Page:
Group decision makings from partial preferences

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Liu, Ao
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Electronic thesis
Computer science
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Group decision making is the situation that a group of agents makes collective choices over a set of alternatives. The input of group decision making is the partial preferences of agents, and its output is one (or more) candidates. This thesis focuses on a two-step (\emph{Preference learning} and \emph{rank aggregations}) group decision making framework. A preference learning method learns a statistical ranking model from the users' preferences, which might be partial rankings. In rank aggregations, the group decision is made according to the learned ranking model. Both preference learning and rank aggregations are highly challenging when the number of alternatives becomes large. This dissertation focuses on solving the following questions. How can we design efficient preference learning algorithms when the preferences are partial rankings? How can we design rank aggregation rules with privacy guarantees? The first part of this dissertation focuses on preference learning. We propose two preference learning algorithms, both compatible with partial preferences. Our main theoretical contributions are the complexity analysis of the proposed preference learning algorithms, which guarantees that all our proposed preference learning algorithms can finish in polynomial (or sub-polynomial) time. The experiments confirm that our algorithms are robust, efficient, and practical. Furthermore, this dissertation proposes a group of rank aggregation methods with privacy guarantees. We found Differential privacy (DP), a widely accepted notion of privacy, is unsuitable in many rank aggregation scenarios because it requires external noises. Thus, we proposed a novel privacy notion, smoothed DP, for rank aggregations. The smoothed DP notion can achieve a similar privacy guarantee with DP without requiring external noises. We theoretically proved and experimentally confirmed that most real-world elections are private under the smoothed DP notion. Finally, we apply the private group decision making framework to a downstream application, improving the robustness of interpretation maps. Interpretation maps explain the reason of why deep neural networks output a certain classification and can be used in the application scenarios like objective detection, medical recommendation, and transfer learning. Inspired by rank aggregation, we proposed the first interpretation method with theoretically guaranteed robustness against l_∞-norm attacks. The proposed method is not only ~30% more robust but also surprisingly more accurate than state of the art according to an experiment on real-world datasets.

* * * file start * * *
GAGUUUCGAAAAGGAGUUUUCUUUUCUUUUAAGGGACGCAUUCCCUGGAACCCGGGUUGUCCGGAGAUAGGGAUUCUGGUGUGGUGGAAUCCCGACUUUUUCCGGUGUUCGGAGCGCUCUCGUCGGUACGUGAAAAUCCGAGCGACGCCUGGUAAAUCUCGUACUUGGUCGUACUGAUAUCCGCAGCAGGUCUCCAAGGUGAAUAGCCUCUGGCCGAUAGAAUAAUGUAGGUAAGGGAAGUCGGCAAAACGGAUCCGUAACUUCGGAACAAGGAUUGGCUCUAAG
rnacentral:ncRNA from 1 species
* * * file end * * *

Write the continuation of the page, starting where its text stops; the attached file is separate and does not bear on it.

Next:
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Rensselaer Polytechnic Institute, Troy, NY
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